Oceans of Opportunity

the ABC’s of a BC(D)

NewLifeSquare2During my most recent dive outings, I decided to take a step back to the simple life and dive with only a backpack (no buoyancy compensator) This tends to draw some cross-eyed looks at the dive site, but in the mud diving world this is the norm. It also happens to be the way I first learned to dive, though now seems to be a dated practice. While I don’t often write about basic scuba theory and techniques, I think this is an important topic to discuss, as it sheds light on how the diver should configure him/herself for the task or environment at hand.

First, let’s describe the function of a buoyancy compensator (BC) or buoyancy compensation device (BCD for those from that school of thought). In short, a properly weight diver will float at the surface at about eye level with a half a breath of air and a full cylinder. When exhaling, the reduction in buoyant lung volume allows the diver to break the surface and descend. Underwater, the diver will gently rise and fall with each inhale/exhale cycle and when done expertly this rhythm looks and feels like riding a gentle wave. As depth increases, wetsuits compress so their inherent buoyancy is lost, leaving the diver slightly negative. Enter the potential need for a BC.

The BC allows for this loss of buoyancy to be compensated for by adding air within the void of the BC’s bladder. On ascent, the BC is vented as the wetsuit’s buoyancy comes back, in an effort for the diver to remain relatively ‘neutral’. Barring any real need to be heavy or light, this is the norm. When reaching the surface, the BC is inflated to prop the diver up, much like a life jacket, to provide a relaxing stay at the surface while swimming to shore or a boat while keeping the head above water and not dependent on a regulator for breathing. In its most basic form, BC’s make good sense when used properly for this purpose.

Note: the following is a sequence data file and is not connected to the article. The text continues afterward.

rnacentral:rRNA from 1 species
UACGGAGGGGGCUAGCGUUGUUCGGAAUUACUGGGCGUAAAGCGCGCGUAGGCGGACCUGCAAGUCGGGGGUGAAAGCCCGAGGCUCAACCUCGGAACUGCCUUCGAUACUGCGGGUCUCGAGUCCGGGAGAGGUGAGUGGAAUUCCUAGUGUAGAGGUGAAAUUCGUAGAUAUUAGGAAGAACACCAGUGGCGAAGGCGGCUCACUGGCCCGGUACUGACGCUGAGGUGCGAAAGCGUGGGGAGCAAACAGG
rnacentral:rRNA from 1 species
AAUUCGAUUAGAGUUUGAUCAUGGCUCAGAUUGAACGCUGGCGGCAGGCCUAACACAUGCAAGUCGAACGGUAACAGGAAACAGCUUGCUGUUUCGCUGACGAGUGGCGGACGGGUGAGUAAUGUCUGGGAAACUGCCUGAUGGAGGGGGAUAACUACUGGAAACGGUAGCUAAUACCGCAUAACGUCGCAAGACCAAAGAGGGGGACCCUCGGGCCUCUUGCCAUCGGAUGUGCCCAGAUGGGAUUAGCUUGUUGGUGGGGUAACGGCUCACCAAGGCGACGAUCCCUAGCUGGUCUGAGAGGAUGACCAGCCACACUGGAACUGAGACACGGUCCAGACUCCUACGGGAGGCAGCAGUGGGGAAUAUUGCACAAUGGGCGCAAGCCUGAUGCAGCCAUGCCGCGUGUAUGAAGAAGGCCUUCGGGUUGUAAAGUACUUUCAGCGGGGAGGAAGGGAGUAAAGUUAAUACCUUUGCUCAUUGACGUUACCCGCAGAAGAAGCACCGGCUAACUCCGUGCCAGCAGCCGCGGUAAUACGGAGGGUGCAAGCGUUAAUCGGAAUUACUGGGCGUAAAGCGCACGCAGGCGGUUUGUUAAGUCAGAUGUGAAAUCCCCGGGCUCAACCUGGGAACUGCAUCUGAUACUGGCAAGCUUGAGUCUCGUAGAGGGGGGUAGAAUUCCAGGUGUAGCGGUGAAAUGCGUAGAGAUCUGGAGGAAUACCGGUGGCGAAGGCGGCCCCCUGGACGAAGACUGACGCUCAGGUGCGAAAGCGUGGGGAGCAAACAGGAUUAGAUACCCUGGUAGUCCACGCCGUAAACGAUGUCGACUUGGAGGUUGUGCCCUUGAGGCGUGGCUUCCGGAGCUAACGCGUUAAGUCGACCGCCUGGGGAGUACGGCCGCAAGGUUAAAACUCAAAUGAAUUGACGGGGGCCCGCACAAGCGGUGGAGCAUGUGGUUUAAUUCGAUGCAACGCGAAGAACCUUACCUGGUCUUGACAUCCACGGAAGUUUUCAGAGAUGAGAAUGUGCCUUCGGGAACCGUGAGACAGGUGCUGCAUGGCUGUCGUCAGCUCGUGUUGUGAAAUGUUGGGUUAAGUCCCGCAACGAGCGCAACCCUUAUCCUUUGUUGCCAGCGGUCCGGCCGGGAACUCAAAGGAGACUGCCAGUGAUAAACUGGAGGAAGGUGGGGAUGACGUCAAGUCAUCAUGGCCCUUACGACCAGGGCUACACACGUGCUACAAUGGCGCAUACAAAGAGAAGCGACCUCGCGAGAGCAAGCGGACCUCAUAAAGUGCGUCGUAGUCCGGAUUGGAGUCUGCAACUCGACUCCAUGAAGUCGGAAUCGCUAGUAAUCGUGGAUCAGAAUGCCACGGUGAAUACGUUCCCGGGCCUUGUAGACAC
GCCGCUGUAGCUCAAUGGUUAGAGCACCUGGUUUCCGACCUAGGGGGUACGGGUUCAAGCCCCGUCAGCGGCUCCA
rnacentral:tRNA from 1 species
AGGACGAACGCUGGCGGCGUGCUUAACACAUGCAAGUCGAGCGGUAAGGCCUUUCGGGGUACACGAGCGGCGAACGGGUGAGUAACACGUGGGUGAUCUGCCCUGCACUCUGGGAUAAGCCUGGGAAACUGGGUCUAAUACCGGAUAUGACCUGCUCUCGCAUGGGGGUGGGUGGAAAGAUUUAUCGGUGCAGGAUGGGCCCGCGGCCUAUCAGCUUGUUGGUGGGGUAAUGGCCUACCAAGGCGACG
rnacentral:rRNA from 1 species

Things get more complicated when using heavy equipment, such as in technical diving, and this is often when BC’s are improperly used. A fully laden technical diver with multiple stage cylinders, reels, lights, cameras, DPV‘s, and so on can be carrying several hundred pounds of equipment, which can often time be several tens of pounds heavy in the water. In most cases, the diver then does not need a weight belt, and is relying on the in-water weight of the equipment load for ballast. The diver has to account for swings in cylinder buoyancy as gas is used, and consider if and when equipment is staged or handed off to support divers. All of this contributes to flux in the diver’s buoyancy, often times resulting in the diver being too buoyant, which of course can be fatally catastrophic if trying to stay submerged for required decompression.

As a matter of principle, it is always good practice to revert back to basics and ensure that you – the diver – is neutrally buoyant at or near the surface while equipped with your most basic life support. Everything else is an extra and can be trimmed out with either a BC, or trim weights. Much like we do in Day 1 scuba, the technical diver should be able to comfortably do a ditch and don without fighting suit buoyancy and so on.

I often go the extra mile when building my equipment to make any tools, lights, or cameras themselves neutrally buoyant such that I’m not fighting them during the dive. Been there, done that and it can be both a  miserable and dangerous experience. In this case, ditching any of the extraneous equipment has little to no impact on the diver’s buoyancy – a good thing.